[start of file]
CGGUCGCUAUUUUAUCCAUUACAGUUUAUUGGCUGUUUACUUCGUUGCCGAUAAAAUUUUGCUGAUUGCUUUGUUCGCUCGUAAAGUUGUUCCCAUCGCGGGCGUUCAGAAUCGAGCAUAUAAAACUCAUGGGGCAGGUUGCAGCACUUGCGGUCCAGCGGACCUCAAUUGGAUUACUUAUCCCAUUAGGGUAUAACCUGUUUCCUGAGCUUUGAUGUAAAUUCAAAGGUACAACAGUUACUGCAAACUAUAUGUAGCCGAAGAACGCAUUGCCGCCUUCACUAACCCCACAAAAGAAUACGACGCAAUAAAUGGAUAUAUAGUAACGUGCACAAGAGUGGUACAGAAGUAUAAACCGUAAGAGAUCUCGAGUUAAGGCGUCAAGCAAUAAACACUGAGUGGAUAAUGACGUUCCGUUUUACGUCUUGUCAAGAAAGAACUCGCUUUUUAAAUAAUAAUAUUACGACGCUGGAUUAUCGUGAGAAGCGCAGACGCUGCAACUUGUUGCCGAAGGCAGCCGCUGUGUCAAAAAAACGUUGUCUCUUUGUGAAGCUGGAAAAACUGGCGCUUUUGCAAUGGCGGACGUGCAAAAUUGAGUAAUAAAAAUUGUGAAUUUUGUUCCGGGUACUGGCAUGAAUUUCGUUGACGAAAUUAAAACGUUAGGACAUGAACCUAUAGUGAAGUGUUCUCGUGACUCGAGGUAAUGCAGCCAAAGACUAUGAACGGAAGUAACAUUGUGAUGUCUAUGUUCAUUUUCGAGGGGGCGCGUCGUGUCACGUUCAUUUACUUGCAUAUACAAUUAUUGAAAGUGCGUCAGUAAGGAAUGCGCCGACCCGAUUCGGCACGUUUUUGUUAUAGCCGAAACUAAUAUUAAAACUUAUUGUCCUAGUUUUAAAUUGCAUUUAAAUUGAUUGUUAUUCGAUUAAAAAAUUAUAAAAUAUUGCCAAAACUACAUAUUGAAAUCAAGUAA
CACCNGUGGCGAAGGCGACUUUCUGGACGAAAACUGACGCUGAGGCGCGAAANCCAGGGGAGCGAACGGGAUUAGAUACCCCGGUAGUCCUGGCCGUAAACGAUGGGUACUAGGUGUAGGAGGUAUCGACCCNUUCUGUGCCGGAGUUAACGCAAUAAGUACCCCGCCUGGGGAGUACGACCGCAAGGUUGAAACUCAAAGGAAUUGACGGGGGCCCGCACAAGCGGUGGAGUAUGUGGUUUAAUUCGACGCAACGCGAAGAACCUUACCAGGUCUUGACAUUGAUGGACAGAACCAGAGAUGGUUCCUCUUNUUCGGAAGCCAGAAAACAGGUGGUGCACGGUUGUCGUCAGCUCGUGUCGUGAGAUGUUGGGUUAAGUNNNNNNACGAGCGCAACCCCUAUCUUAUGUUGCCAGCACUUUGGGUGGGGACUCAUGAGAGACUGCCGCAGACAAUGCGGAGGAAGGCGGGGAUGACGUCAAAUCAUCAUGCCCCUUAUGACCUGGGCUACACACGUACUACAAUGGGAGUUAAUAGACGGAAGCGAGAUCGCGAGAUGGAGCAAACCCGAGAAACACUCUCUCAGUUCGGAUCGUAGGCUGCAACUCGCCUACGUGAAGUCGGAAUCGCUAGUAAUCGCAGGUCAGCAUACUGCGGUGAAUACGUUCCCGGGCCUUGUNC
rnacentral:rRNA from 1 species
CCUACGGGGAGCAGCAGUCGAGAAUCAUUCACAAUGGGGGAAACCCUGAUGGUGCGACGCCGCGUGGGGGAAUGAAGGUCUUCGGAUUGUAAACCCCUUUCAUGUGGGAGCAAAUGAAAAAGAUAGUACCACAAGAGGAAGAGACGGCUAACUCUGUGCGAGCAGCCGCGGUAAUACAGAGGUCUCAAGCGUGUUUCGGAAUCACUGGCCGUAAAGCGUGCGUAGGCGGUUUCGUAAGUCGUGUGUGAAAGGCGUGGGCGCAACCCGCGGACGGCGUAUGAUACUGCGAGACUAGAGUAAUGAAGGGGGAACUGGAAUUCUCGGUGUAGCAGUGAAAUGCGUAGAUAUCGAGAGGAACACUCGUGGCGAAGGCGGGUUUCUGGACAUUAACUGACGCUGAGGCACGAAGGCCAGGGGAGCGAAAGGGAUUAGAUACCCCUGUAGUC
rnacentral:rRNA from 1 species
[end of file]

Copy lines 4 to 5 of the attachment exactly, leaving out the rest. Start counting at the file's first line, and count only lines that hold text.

CCUACGGGGAGCAGCAGUCGAGAAUCAUUCACAAUGGGGGAAACCCUGAUGGUGCGACGCCGCGUGGGGGAAUGAAGGUCUUCGGAUUGUAAACCCCUUUCAUGUGGGAGCAAAUGAAAAAGAUAGUACCACAAGAGGAAGAGACGGCUAACUCUGUGCGAGCAGCCGCGGUAAUACAGAGGUCUCAAGCGUGUUUCGGAAUCACUGGCCGUAAAGCGUGCGUAGGCGGUUUCGUAAGUCGUGUGUGAAAGGCGUGGGCGCAACCCGCGGACGGCGUAUGAUACUGCGAGACUAGAGUAAUGAAGGGGGAACUGGAAUUCUCGGUGUAGCAGUGAAAUGCGUAGAUAUCGAGAGGAACACUCGUGGCGAAGGCGGGUUUCUGGACAUUAACUGACGCUGAGGCACGAAGGCCAGGGGAGCGAAAGGGAUUAGAUACCCCUGUAGUC
rnacentral:rRNA from 1 species